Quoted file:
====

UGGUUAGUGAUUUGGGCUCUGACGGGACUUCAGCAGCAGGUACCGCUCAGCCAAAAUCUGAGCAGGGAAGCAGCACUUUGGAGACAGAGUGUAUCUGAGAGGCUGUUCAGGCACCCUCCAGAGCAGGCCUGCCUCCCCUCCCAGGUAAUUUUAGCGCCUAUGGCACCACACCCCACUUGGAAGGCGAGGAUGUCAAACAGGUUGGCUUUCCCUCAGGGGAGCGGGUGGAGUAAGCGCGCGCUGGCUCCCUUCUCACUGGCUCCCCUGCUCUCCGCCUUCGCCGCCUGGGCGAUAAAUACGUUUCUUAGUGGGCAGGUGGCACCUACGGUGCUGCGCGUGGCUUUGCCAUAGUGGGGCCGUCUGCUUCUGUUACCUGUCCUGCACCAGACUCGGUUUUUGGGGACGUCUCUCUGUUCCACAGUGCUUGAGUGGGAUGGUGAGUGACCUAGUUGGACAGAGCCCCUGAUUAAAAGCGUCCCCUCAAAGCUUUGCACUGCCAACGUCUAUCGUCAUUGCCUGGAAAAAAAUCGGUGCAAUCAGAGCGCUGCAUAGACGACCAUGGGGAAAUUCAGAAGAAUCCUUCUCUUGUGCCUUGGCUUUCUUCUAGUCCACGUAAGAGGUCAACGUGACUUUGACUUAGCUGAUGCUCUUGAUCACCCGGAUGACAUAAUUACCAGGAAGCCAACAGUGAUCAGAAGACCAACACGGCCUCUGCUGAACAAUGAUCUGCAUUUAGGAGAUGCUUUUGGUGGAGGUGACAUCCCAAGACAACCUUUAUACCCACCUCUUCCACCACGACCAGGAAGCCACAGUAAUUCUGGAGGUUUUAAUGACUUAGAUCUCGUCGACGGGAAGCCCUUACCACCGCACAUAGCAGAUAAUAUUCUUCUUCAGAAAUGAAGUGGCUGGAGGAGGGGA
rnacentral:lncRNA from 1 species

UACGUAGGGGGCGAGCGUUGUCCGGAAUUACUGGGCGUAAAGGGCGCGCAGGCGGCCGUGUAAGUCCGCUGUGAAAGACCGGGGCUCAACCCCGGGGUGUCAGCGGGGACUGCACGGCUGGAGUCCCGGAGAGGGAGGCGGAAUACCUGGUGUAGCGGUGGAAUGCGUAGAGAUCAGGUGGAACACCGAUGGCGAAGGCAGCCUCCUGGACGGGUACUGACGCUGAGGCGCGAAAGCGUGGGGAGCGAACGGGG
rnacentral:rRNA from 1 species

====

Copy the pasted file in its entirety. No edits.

UGGUUAGUGAUUUGGGCUCUGACGGGACUUCAGCAGCAGGUACCGCUCAGCCAAAAUCUGAGCAGGGAAGCAGCACUUUGGAGACAGAGUGUAUCUGAGAGGCUGUUCAGGCACCCUCCAGAGCAGGCCUGCCUCCCCUCCCAGGUAAUUUUAGCGCCUAUGGCACCACACCCCACUUGGAAGGCGAGGAUGUCAAACAGGUUGGCUUUCCCUCAGGGGAGCGGGUGGAGUAAGCGCGCGCUGGCUCCCUUCUCACUGGCUCCCCUGCUCUCCGCCUUCGCCGCCUGGGCGAUAAAUACGUUUCUUAGUGGGCAGGUGGCACCUACGGUGCUGCGCGUGGCUUUGCCAUAGUGGGGCCGUCUGCUUCUGUUACCUGUCCUGCACCAGACUCGGUUUUUGGGGACGUCUCUCUGUUCCACAGUGCUUGAGUGGGAUGGUGAGUGACCUAGUUGGACAGAGCCCCUGAUUAAAAGCGUCCCCUCAAAGCUUUGCACUGCCAACGUCUAUCGUCAUUGCCUGGAAAAAAAUCGGUGCAAUCAGAGCGCUGCAUAGACGACCAUGGGGAAAUUCAGAAGAAUCCUUCUCUUGUGCCUUGGCUUUCUUCUAGUCCACGUAAGAGGUCAACGUGACUUUGACUUAGCUGAUGCUCUUGAUCACCCGGAUGACAUAAUUACCAGGAAGCCAACAGUGAUCAGAAGACCAACACGGCCUCUGCUGAACAAUGAUCUGCAUUUAGGAGAUGCUUUUGGUGGAGGUGACAUCCCAAGACAACCUUUAUACCCACCUCUUCCACCACGACCAGGAAGCCACAGUAAUUCUGGAGGUUUUAAUGACUUAGAUCUCGUCGACGGGAAGCCCUUACCACCGCACAUAGCAGAUAAUAUUCUUCUUCAGAAAUGAAGUGGCUGGAGGAGGGGA
rnacentral:lncRNA from 1 species

UACGUAGGGGGCGAGCGUUGUCCGGAAUUACUGGGCGUAAAGGGCGCGCAGGCGGCCGUGUAAGUCCGCUGUGAAAGACCGGGGCUCAACCCCGGGGUGUCAGCGGGGACUGCACGGCUGGAGUCCCGGAGAGGGAGGCGGAAUACCUGGUGUAGCGGUGGAAUGCGUAGAGAUCAGGUGGAACACCGAUGGCGAAGGCAGCCUCCUGGACGGGUACUGACGCUGAGGCGCGAAAGCGUGGGGAGCGAACGGGG
rnacentral:rRNA from 1 species